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Experts call for end to tackle football for kids

With concussions on the rise, some experts say it's time to change the rules when it comes to kids and contact sports.

New figures find emergency room visits by children and adolescents with sports-related brain injuries have shot up 36 percent, according to Dr. Robert Cantu, a neurosurgeon and one of the world's foremost authorities on brain injuries.

Cantu says young people are much like bobble-head dolls and don't have the neck strength to handle the force of contact sports.

"Young brains are housed in big heads on weak necks and the same amount of force to a youngster will impart much more injurious effects to the brain," Cantu tells CBS News.

In an effort generating some controversy, Cantu is calling for an end to tackle football for kids under 14.

"Teach the skills of tackling, just don't bash bodies and bash heads and bring people to the ground. Use tackling dummies to learn the skills," Cantu says. "In ice hockey, it's simply body checking is out before the age of 14. And in soccer, this one's going to be a little tough for some, I'd eliminate heading because it's in the act of heading that almost all head injuries happen."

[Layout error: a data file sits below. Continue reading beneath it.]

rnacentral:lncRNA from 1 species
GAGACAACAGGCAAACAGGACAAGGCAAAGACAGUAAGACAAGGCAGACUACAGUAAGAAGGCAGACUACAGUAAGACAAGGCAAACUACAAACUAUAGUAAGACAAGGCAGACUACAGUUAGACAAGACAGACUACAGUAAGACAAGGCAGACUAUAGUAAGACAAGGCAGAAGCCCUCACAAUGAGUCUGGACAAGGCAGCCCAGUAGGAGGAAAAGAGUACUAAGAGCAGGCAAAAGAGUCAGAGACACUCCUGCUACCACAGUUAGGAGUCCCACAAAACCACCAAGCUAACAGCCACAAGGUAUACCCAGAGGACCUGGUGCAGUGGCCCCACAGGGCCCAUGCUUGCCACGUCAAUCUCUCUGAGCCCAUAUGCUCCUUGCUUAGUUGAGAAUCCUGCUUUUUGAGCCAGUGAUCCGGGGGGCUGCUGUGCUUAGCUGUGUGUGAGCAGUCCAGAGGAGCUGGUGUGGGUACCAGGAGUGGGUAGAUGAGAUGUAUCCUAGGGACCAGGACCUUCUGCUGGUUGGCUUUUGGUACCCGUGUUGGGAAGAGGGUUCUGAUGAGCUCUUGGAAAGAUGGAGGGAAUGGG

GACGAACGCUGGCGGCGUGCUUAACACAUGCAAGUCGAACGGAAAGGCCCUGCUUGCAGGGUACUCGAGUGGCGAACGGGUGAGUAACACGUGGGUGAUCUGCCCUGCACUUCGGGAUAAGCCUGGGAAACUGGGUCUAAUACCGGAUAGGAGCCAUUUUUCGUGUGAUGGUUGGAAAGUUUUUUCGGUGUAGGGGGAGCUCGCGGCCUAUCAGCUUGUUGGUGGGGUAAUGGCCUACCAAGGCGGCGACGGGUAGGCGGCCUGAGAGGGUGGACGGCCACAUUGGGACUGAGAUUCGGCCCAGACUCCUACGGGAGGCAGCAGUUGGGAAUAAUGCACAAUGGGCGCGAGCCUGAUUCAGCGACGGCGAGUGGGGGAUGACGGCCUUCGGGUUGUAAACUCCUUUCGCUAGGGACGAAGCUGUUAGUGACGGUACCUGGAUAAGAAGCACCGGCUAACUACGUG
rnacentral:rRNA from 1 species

In a conversation on Seattle's Morning News, KIRO Radio's Tom Tangney questions whether people would be willing to change a game that's considered such a part of American culture, even with the doctor's recommendations.

"It's like trying to outlaw bullfighting in Spain. It was seen as part of their cultural identity. Bullfighting is starting to go out of favor but for centuries it wasn't. What an uprooting," he says.

At the kids level of play, a 12-year-old versus a 12-year-old, Tangney says it's not like they're getting hit by Dave Wyman or a pro linebacker.

Seattle Morning News Anchor Linda Thomas says she agrees with the doc, hits on a dummy might be better than hits on kids.

"I think this doctor is offering a really good compromise. You can still do all that, learn those skills, but on practice dummies not other kids."


About the Author

Josh Kerns is an award winning reporter on KIRO Radio 97.3 FM. He covers everything from May Day riots in Seattle to the latest Boeing news.


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